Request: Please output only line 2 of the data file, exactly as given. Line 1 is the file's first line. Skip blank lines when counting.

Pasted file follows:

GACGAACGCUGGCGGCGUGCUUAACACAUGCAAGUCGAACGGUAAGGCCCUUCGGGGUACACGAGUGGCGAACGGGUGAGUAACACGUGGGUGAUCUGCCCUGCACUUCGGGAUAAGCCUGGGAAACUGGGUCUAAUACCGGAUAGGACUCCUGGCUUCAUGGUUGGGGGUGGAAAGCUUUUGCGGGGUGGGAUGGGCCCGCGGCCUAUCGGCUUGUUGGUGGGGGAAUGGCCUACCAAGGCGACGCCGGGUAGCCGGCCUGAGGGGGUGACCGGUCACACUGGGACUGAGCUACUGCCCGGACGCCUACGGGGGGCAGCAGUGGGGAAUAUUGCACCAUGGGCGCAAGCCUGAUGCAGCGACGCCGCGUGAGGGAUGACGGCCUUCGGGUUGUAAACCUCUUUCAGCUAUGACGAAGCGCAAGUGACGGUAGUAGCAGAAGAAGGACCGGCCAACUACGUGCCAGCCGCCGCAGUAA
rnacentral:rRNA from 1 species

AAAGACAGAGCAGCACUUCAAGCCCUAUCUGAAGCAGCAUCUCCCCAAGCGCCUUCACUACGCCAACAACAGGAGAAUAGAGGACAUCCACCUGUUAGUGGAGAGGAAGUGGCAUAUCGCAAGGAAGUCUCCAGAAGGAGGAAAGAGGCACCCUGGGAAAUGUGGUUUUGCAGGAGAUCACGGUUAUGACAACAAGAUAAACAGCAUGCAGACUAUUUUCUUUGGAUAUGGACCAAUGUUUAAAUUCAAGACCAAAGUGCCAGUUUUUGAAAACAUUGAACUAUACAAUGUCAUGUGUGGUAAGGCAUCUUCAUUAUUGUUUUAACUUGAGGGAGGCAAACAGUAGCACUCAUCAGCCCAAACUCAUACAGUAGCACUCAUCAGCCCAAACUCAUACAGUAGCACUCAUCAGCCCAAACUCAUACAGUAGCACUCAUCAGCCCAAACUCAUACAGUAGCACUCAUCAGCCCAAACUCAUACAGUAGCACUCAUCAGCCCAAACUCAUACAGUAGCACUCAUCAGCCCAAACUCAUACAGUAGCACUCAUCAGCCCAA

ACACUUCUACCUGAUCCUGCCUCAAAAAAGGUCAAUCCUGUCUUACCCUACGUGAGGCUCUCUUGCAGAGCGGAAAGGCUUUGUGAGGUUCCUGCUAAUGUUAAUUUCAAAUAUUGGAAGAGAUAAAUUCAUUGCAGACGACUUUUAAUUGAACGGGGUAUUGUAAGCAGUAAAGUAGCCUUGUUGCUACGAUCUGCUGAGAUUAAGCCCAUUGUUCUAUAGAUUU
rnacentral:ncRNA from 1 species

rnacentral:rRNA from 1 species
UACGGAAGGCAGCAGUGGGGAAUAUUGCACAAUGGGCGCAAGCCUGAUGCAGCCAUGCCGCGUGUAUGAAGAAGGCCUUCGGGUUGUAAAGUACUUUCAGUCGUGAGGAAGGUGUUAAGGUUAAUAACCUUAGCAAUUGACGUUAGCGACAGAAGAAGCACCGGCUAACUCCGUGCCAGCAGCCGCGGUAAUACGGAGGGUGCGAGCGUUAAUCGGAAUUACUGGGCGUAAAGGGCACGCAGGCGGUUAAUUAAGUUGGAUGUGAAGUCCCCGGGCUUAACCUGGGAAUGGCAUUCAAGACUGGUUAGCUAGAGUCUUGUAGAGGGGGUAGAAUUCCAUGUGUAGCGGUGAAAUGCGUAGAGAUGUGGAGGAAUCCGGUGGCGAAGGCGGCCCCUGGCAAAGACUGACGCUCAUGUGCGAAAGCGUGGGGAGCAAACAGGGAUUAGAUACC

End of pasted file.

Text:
rnacentral:rRNA from 1 species